My right eye seems to be a lot smaller than my left and is noticeable in the pictures. What are my options?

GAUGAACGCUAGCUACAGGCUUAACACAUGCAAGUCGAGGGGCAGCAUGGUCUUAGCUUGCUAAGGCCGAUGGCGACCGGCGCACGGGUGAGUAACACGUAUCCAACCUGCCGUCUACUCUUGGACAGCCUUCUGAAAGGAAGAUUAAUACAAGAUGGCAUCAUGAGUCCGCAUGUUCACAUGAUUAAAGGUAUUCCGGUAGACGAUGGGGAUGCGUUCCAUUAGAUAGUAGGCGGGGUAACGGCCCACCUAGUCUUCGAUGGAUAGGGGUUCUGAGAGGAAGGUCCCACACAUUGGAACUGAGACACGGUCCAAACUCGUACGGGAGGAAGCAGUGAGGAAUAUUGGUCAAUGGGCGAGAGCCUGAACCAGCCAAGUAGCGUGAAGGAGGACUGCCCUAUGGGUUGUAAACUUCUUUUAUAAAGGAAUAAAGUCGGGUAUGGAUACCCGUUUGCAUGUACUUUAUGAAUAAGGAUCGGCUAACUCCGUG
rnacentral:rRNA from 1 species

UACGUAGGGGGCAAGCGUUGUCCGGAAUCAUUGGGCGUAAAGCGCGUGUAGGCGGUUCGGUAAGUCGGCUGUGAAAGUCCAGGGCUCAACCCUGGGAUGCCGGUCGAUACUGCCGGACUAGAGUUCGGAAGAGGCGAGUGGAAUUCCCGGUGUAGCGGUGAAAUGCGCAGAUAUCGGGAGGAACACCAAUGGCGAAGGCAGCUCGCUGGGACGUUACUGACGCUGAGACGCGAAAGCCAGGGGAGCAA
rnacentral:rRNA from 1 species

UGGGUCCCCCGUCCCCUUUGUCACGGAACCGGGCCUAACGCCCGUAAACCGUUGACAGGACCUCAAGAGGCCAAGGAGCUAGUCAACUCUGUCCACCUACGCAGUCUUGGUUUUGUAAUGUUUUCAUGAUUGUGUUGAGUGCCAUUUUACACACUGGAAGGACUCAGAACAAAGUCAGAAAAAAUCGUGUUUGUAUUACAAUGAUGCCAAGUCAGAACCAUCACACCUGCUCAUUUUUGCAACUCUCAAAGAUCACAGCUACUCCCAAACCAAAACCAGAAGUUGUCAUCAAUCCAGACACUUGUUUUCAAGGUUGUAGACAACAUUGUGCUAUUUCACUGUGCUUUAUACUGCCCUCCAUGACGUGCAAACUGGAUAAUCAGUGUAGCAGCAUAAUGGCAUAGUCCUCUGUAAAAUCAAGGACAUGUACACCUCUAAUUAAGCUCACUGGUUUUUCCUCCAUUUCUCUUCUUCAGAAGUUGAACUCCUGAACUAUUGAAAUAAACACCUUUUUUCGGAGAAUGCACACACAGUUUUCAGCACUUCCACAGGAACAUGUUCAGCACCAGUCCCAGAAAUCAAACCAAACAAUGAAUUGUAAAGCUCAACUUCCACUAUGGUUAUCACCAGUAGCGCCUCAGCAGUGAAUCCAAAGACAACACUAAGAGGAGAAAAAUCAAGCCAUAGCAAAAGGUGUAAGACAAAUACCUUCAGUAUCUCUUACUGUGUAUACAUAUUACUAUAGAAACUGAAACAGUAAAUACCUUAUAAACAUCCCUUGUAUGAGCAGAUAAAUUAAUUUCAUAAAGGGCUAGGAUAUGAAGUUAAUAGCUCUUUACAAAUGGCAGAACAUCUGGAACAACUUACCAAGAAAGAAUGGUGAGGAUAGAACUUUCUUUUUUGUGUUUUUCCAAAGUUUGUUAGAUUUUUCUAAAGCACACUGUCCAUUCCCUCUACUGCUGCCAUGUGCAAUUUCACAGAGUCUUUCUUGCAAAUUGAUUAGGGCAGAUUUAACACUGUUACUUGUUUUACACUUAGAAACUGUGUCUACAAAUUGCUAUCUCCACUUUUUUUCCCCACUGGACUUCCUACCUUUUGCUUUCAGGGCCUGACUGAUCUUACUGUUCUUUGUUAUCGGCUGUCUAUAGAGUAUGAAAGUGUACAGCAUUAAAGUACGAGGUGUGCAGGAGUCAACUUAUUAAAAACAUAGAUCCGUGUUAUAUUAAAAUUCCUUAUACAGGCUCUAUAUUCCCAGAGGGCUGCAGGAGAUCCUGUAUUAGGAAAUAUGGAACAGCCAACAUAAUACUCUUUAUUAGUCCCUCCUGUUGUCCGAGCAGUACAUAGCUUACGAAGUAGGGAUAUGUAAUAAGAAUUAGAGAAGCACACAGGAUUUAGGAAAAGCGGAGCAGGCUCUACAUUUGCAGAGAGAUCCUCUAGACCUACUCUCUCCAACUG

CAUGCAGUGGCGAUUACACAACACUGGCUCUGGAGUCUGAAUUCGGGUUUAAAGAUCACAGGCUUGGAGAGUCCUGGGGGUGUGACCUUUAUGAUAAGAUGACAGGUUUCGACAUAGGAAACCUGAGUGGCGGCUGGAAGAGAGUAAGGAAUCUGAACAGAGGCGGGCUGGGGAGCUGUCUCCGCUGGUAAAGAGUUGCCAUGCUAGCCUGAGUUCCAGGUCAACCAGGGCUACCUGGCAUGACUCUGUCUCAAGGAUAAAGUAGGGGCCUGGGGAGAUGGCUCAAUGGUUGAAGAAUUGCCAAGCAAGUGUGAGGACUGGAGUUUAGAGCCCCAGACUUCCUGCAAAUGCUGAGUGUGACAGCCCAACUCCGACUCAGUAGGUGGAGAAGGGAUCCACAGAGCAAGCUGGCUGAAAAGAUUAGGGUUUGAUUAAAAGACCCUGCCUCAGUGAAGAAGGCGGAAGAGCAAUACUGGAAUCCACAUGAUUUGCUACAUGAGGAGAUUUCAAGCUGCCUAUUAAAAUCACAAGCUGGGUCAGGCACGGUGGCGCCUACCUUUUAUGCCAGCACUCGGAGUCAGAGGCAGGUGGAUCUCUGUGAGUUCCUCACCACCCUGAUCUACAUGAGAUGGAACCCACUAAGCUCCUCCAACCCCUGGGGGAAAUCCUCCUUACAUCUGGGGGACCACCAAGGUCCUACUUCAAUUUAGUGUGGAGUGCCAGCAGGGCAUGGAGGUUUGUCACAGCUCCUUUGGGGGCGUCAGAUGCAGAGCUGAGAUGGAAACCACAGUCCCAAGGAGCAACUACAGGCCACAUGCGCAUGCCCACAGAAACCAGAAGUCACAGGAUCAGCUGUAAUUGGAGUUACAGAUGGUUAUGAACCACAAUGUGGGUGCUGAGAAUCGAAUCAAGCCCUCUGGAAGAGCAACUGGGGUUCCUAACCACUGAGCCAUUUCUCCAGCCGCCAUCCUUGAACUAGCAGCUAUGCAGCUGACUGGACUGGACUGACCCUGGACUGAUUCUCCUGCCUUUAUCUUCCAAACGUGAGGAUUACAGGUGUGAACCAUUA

Thank you for your question. You submitted your question with a close-up view of your eyes. And you ask in your question about your perception that your right eye appears to be considerably smaller than your left. And that you notice it in particular when you take photos and you’re asking what are your options. Well, I can certainly share with you what my impression is in the absence of a full physical examination but I think I can give you some guidance as to how I approach this type of situation in my practice. A little bit of background, I’m a Board-certified cosmetic surgeon and Fellowship-trained oculofacial plastic and reconstructive surgeon. I have been in practice in Manhattan and Long Island for over 20 years. Helping people with their eyelids especially when it comes to more advanced eyelid procedures such as Asian eyelid surgery has been a very big part of my practice. And I think that when I look at your photos, I can just give you some basic principles that are applicable that can help guide you as to what is probably the option that will fit best for you. So to begin with, this situation, what I see is in the left eye you have a crease and the fold of skin is actually above the crease. When you look at the right eye, you don’t see a crease. You see a fold overlying the eyelid margin. And this is actually a very common situation. You see, there is a certain anatomic variation that is specific of Asian descent and it has to do with the absence of a crease or a presence of a crease. And it is due to an attachment between the muscle called the levator muscle, the muscle that can also sound like the word “elevator” or look like the word elevator without the letter “e”. It’s the muscle that lifts the eyelid. Well, from the front of that muscle are these fibers that attach to the skin. And when they’re attached very firmly, you get a crease. When they’re not attached, you don’t have a crease and the skin folds over. When the skin folds over, it creates the perception of the eye being smaller. And essentially what it is, is that the fold is defining the shape of the eye and so generally speaking, a relatively straightforward issue. What the key is to try to create that connection between the skin and the muscle, the levator muscle and that is the entire basis of Asian eyelid surgery. Now when you learn more about Asian eyelid surgery, you learn that there are non-incisional procedures and incisional procedures. A non-incisional procedure is basically defined by essentially making small openings in the skin and attaching the skin to the muscle underlying the levator muscle and creating that fold. I would say that it is more than likely that in your situation that you would probably benefit from that procedure again, in the absence of a physical exam and seeing how much overlap of skin there is. But when I make this decision, I basically look between the choice of doing a non-incisional and incisional procedure. In an incisional procedure, I’m either removing some skin or addressing a certain amount of fat in order to create that crease and fold. And so in a situation like yours, where all I see is a little bit of folding over the skin, I can actually visualize the placement of the sutures that would result in a crease that would create some balance. Now of course there are pluses and minuses to every surgery and risks etc, but I think that when you get down to why your eye is looking smaller, the right eye than the left, it is because of the fold of the skin. It is very straightforward. In fact in our practice, what I routinely do is use something like a Q-tip just to create a crease and push the skin in a way that mimics what would happen if I were to attach the skin to the muscle with the surgery. And basically, you can then see what it would look like. Like I said, the procedure itself is fairly straightforward. In our practice, we do this procedure under local anesthesia with LITE™ sedation. Especially if it’s a non-incisional procedure, it’s actually fairly straightforward. It’s done pretty quickly. It’s done with local anesthesia. It’s just a matter of allowing the time for the skin to heal over the course of several weeks. But most people go back to work in about a week. And as far as swelling, with Asian eyelid surgery, the area between the crease and the eyelid margin, is an area that can linger for several months but does progressively get better. And it is usually a little bit less swelling in my experience with non-incisional compared to incisional. So I think it’s probably the next appropriate step for you is to meet with qualified, experienced eyelid surgeons who have a lot of experience with Asian eyelid surgery and learn about what your options are based on this particular issue of the absence of a fold resulting in overlapping skin. And of course a proper examination would reveal any other issues that would potentially be useful to address at the time. But again, as I said, my impression is this is basically a matter of getting that skin to fold in so that it matches as closely as possible with the other eye. So I hope that was helpful, I wish you the best of luck and thank you for your question.